Was 2018 the beginning of a golden age for iconic EDM albums?

As this year winds down, we'll be seeing plenty of lists. One of these lists will be the greatest albums of 2018. It is unlikely to see EDM artist albums prominently featured on too many lists that look across the broader spectrum of music, and that is generally to be expected given the unique nature of the genre and it's popularity in the U.S. relative to the powerhouses in the pop and hip hop world. 

This year, however, it is important to recognize some significant strides in the direction that one day, perhaps these albums will be up there.

When we think of the golden era of the record album we may even see imagery of a bygone era, when music lovers would go to a record store with friends, then go home and listen, actually listen, to an entire album, and then do it again. The Beatles' Abbey Road, Pink Floyd's The Wall, Dr. Dre's Chronic 2001, and Adele's 21 comprise a handful of records that often appear on this list of the most iconic albums of all time. While these lists will always be debated, they will always include clear choices that define eras, genres, and stand the test of time.

Where do the most iconic EDM albums of all time rank?

Many of the most iconic and historic EDM albums of all time tend to be frequently missing from all time lists. The exceptions are typically crossover artists such as Daft Punk and Moby. Daft Punk's Discovery was ranked #33 on Rolling Stone Magazine's "100 Best Albums of the 2000s" feature. Without digressing into the grey matter of where “EDM” starts and ends, the perception, at least in most mainstream circles and publications, favors rock, pop, and hip-hop when recognizing “greatness” in albums. Fair or not, it is seemingly the perception in mainstream circles that EDM albums do carry the same artistic cache as an end-to-end art form as other genres. Could it simply be that EDM missed out on the time when albums seemed to carry more significance as a whole - and does it matter?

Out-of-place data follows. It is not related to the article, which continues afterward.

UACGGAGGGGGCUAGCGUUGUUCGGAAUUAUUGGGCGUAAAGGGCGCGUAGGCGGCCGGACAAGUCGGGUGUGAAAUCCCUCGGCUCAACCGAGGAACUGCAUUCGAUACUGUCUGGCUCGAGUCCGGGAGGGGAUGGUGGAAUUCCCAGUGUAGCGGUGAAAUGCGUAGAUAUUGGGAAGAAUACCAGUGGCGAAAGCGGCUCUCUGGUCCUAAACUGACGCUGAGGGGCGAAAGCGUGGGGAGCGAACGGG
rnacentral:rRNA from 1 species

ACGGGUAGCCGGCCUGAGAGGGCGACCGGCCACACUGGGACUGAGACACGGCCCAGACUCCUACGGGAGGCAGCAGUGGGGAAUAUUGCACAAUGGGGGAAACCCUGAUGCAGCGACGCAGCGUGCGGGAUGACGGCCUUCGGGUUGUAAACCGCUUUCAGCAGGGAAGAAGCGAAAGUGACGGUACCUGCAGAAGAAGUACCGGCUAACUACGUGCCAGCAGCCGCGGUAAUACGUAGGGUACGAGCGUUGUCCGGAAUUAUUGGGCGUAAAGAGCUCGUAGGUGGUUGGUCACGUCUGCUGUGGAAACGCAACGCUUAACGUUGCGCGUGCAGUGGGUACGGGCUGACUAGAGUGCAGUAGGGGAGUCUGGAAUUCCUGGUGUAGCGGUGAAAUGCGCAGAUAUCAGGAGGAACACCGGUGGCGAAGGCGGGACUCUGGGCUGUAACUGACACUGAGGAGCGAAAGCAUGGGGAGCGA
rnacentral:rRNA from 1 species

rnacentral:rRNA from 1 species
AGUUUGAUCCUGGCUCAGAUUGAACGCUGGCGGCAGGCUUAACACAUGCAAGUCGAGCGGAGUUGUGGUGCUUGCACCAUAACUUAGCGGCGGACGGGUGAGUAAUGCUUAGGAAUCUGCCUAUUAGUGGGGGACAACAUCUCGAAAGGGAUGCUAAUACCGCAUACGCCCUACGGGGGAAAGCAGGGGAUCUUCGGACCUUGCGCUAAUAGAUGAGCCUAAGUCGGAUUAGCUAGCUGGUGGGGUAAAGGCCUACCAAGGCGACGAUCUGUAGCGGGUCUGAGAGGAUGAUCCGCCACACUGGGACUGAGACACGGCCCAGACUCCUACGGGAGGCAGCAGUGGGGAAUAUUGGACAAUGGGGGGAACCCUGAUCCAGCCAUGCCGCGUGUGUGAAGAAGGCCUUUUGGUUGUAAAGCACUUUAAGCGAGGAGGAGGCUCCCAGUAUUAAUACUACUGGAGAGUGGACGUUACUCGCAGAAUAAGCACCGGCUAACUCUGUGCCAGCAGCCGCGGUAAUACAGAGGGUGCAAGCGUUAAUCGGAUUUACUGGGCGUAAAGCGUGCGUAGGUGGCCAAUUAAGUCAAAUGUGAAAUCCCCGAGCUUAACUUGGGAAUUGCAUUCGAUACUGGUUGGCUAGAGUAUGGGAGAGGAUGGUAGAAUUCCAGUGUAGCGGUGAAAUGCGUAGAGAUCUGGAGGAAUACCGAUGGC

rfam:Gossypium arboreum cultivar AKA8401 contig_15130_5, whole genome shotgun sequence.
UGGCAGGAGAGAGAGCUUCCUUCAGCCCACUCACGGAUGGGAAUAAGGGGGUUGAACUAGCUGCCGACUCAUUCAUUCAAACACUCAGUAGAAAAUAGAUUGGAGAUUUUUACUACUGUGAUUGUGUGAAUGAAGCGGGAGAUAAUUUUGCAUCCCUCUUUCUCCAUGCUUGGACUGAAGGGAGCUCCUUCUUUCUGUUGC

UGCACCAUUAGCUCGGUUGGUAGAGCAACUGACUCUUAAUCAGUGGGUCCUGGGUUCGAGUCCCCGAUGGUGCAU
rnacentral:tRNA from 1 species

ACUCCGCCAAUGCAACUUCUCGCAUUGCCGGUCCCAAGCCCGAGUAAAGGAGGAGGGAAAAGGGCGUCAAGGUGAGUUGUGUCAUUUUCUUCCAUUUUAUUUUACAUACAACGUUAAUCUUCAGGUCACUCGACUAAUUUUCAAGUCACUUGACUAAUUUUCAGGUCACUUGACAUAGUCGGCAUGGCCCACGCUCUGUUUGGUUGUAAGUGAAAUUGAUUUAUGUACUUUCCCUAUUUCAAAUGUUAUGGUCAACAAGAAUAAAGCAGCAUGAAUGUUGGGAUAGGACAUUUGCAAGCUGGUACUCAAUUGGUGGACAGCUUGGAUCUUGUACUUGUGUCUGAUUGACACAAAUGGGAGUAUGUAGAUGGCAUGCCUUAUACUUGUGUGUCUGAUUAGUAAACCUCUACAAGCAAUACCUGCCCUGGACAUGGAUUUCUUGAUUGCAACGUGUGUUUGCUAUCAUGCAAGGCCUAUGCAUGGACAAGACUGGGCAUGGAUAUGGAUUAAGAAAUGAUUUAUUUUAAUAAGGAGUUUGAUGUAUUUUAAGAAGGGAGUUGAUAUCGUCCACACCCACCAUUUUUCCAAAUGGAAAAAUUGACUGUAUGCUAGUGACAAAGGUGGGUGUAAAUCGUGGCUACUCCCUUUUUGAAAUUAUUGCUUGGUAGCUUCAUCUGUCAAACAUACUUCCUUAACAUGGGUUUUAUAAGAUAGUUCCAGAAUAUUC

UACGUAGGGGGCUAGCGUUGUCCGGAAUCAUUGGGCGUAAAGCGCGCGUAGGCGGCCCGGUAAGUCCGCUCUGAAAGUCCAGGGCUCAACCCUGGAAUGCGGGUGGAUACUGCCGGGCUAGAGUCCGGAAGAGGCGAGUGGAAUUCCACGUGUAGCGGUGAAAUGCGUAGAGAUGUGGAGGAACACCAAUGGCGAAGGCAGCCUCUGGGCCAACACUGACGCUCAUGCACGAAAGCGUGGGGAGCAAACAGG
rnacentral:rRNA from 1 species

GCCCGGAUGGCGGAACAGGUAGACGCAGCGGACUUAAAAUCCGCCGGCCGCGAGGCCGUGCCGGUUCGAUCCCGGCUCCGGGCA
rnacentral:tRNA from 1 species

At a glance into the present, perhaps it really doesn’t. Both the industry and digital-age consumer behavior have incentivized artists to release singles or short EPs - a logical, strategic approach in keeping artists fresh and in the spotlight of news feeds and streams. EDM is alive and well with hits being consistently released from so many talented artists.  Also, the consumption medium of clubs and festivals becomes more relevant. As a DJ, if I see a whole album in a record pool, I'm much more likely to pull just the dance club hit. Conversely, if I see a major artist with a single every month or so, I'm more likely to pull that track. Album releases, when they do come out, also tend to follow previously released singles from the album. At this point there may be one additional new single as an emphasis; however the result is often less energy and enthusiasm outside of an artist's core fan base. The holistic piece can also feel disconnected if we are used to hearing the hit singles so many times.

A different formula in an ultra competitive digital age

This release formula makes certainly makes sense from a business standpoint. As one unnamed industry insider put it when referencing Calvin Harris’ move away from albums in 2016, “albums are time-consuming and limit artists to cycles rather than having a persistent presence in the charts.” Perhaps this new model allows us to explore more and more artists, and gives more artists an opportunity to shine through shorter expressions.

Another consideration is that the debut album becomes both a rite of passage for an up-and-coming artist/producer, and a propellor for the artist to make a clear mark on the industry before moving on to different concepts. Skrillex's Recess is a perfect example of this as the studio-length album represented a tectonic shift for EDM. While Skrillex himself has not released another studio album, both his EP Scary Monsters and Nice Sprites and his Diplo collaboration Jack Ü were the ones to receive Grammys. It is Recess, though, that arguably would be the contender on the all-time album list. The point is not to get into a debate on the politics of formal awards, but that a complete studio album often still represents an artist's most important contribution to music.